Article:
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In Einstein's papers, he used light speed as a reference speed. What if we use a greater finite speed and do the same calculations. Won't this greater speed then be the limit.

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OP's suggestion seems equivalent to giving the photon a (rest) mass, cf. physics.stackexchange.com/q/4700/2451 –  Qmechanic Dec 30 '11 at 14:28

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The speed of light isn't the reference speed because Einstein picked it---which would imply that you could pick something else---but because the laws of physics seem to be invariant on Lorentz boosts with $c=\text{the speed of light in a vacuum}$.

When Einstein was doing the work the clearest experimental evidence came from the form of Maxwell's Equations and results of Michelson and Morley's interferometry experiments. These days we have other evidence, including direct evidence such as the behavior of very energetic particles in accelerators.

That is, the special place of the speed of light is an experimental fact.

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The light speed is invariant under constant motion, and there can only be one speed with this property. If you use a slower speed than light speed, and you chase the object in the same direction, it will slow down relative to you, until your velocity is equal to its velocity, and it stops.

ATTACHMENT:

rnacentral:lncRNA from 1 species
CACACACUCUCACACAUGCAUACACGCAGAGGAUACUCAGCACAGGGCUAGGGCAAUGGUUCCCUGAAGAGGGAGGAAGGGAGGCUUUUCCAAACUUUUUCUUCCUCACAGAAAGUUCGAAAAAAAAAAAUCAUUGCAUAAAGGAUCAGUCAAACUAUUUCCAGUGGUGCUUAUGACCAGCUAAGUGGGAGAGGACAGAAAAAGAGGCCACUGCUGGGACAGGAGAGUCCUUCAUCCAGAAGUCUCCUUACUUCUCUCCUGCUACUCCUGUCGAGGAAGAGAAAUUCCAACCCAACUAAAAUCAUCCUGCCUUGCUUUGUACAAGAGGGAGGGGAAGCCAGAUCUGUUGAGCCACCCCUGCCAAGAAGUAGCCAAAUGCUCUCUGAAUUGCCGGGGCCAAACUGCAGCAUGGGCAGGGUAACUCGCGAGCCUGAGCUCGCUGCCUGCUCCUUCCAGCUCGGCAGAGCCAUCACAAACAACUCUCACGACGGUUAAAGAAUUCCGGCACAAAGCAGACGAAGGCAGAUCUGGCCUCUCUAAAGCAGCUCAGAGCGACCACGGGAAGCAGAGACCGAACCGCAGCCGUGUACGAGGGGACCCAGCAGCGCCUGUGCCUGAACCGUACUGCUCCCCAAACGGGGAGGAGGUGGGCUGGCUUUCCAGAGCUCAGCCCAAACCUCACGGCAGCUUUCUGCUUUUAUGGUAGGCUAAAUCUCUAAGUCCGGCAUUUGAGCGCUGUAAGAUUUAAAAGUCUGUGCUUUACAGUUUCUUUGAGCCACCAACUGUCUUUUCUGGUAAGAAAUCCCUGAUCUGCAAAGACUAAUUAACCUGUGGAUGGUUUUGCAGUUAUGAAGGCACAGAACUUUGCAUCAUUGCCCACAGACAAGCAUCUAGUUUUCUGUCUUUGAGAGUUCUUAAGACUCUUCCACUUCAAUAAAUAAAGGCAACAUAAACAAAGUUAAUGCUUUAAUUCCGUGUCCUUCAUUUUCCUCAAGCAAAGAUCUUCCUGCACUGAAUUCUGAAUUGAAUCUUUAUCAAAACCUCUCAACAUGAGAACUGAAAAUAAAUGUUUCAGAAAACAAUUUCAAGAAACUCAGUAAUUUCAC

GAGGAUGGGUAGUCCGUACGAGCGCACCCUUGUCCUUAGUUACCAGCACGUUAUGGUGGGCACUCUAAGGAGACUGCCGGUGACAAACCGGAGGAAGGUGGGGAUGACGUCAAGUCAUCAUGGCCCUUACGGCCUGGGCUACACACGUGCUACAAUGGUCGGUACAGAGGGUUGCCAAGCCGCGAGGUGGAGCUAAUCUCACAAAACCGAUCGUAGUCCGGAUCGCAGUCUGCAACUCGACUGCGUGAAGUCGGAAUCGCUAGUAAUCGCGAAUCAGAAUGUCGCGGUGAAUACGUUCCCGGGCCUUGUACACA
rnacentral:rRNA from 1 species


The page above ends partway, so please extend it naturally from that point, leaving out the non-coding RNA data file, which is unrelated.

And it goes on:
If you look at an object going away from you at a greater speed than that of light (like the spot of a laser pointer on a wall, for example) , and you chase after it, the faster you go, the faster it recedes from you, until your speed reaches a certain value, at which point the object's motion is instantaneous relative to you. If you go any faster, it goes the other way relative to you (all superluminal).

Only one speed stays the same regardless of the motion of the observer, and this unique speed is the one used by Einstein in his papers. It happens to be the speed of light, but it is a geometrical thing, having nothing to do with the particular dynamics of light.

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Can you please give a link to the geometrical proof that you mention. Thank you –  nikhil bachhawat Dec 30 '11 at 13:50
    
You can start with the answer here: physics.stackexchange.com/questions/12435/… . Once you understand how the pythagorean theorem works, with a minus sign, the uniqueness of the invariant slope (i.e. speed) follows from noting that x^2-t^2=0 implies x/t=1. –  Ron Maimon Dec 30 '11 at 13:52

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